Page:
January 8, 2010


Madam, – On reading Dr Dermot Walsh’s article, (Opinion, December 28th), and in conjunction with it, Ian Woods’s response to Siobhan Barry’s, the following questions burn for an answer: first, against what standards do these two doctors judge their “ethical obligations”? Previous correspondence from the Irish Medical Council would seem to indicate that medical ethics are based on a type of “consensus” – ie unethical behaviour, on the part of a particular doctor, is judged to be behaviour which is deemed to be unethical or unacceptable to a group of his/her peers. Note: only a doctor’s peers may adjudicate on his/her behaviour, ordinary laypeople are not deemed sufficiently qualified to do so.

Furthermore, if Mr Woods’s “professional ethics”, as a psychotherapist, require him to “respect clients’ right to self-determination and autonomy” and Dr Barry’s “professional ethics” require her to “impose ECT against the person’s wishes in relevant circumstances” it would appear we have here two diametrically opposed interpretations of the very meaning of “human rights,” “freedom of choice” and “informed consent”. To further add to the alarm – and well-founded alarm – of any person contemplating getting help for themselves or a loved one, who may be suffering with a “mental illness”, Dr Walsh gives a brief history of ECT, admitting that its discovery was based on the mistaken belief that “epilepsy” and “psychosis” could not exist at the same time in the same person. Based on this error, it was believed inducing epileptic fits, by whatever means possible, was capable of curing psychosis! Then came the accidental discovery: ECT was the best cure for “involutional melancholia” aka “psychotic depression”.

Dr Walsh goes on to wonder about the reduced incidence of “psychotic depression” in more modern times, attributing the reduction to – “either . . . depression. . . being recognised and treated earlier, or its characteristics . . . changed because of cultural or social changes”.

Is this a first? An admission by a psychiatrist that psychiatric diagnoses are essentially arbitrary in nature, capable of being altered by “cultural or social changes”? Thus, we have no defined standard of “normal” behaviour against which the “abnormal behaviour”, as typified by mental illness, can be measured and compared?

Just as psychiatric diagnoses are essentially arbitrary, it would appear psychiatric ethics are also arbitrary, decided only by psychiatrists among themselves, without necessarily referring to any human rights treaty or charter of fundamental rights.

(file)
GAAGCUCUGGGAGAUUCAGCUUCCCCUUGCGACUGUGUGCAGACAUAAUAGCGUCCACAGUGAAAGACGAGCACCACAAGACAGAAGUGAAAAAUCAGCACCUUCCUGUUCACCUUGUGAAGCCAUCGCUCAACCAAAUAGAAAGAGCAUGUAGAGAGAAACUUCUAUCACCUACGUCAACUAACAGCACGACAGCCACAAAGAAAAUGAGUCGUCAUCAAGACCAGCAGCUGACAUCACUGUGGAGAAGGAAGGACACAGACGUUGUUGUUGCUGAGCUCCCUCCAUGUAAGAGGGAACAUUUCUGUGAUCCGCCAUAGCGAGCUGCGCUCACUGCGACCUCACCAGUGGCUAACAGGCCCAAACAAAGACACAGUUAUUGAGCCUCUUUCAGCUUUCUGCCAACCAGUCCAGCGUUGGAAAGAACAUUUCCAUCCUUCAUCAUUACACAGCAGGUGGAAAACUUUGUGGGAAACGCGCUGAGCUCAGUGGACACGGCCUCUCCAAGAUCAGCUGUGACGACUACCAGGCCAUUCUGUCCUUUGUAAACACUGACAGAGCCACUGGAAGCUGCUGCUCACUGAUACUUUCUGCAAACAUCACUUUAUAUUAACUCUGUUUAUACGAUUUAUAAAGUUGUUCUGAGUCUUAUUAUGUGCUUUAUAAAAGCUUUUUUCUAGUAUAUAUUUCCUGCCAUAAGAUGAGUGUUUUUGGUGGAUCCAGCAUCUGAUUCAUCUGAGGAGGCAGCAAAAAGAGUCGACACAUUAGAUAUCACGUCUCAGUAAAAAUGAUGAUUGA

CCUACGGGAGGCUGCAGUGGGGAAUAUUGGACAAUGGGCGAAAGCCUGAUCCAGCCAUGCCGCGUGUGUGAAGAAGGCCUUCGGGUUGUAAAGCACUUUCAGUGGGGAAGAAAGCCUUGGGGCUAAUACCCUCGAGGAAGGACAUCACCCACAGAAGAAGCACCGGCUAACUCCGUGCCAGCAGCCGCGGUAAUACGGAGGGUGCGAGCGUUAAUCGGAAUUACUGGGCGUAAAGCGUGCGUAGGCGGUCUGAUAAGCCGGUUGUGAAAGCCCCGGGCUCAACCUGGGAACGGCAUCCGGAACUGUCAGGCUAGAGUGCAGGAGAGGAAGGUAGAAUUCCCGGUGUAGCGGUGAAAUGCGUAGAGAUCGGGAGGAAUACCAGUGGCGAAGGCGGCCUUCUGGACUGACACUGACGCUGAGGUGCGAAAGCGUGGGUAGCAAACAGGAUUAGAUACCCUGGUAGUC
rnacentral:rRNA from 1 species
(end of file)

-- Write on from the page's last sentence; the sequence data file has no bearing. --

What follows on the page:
In this age of accountability, is it good enough that doctors should only be answerable to their peers and not to their clients/patients/victims for their decisions, ethical or otherwise? And in the treatment of mental illnesses, with such arbitrary diagnostic criteria, why should the methods available to Western-trained psychiatrists, with their obvious limitations, be regarded as superior to methods practised by healers of other medical/ cultural traditions?

I am a survivor of “intensive” ECT, to which I was subjected without my consent or knowledge, eventually discharged from “hospital” as a virtual vegetable, no longer “psychotically depressed” – but, then – whoever saw a depressed vegetable?

Careful analysis (by myself) of my psychiatric records would appear to indicate that at least 90 per cent of my symptoms were caused by inappropriate psychiatric interventions. My conclusions are supported by the fact that I have not been hospitalised in over 27 years, despite extremely dire prognoses by all psychiatrists involved in my care, at the time. I have now returned to college, full-time, am a second-year legal studies student, very happily married, with three grown-up children. I am very acutely aware that I am one of the lucky ones, one that got away, with relatively mild – though permanent – memory and learning problems.

My good fortune I attribute to my extraordinary husband. His opinion of psychiatrists is unprintable! – Yours, etc,



Co Waterford.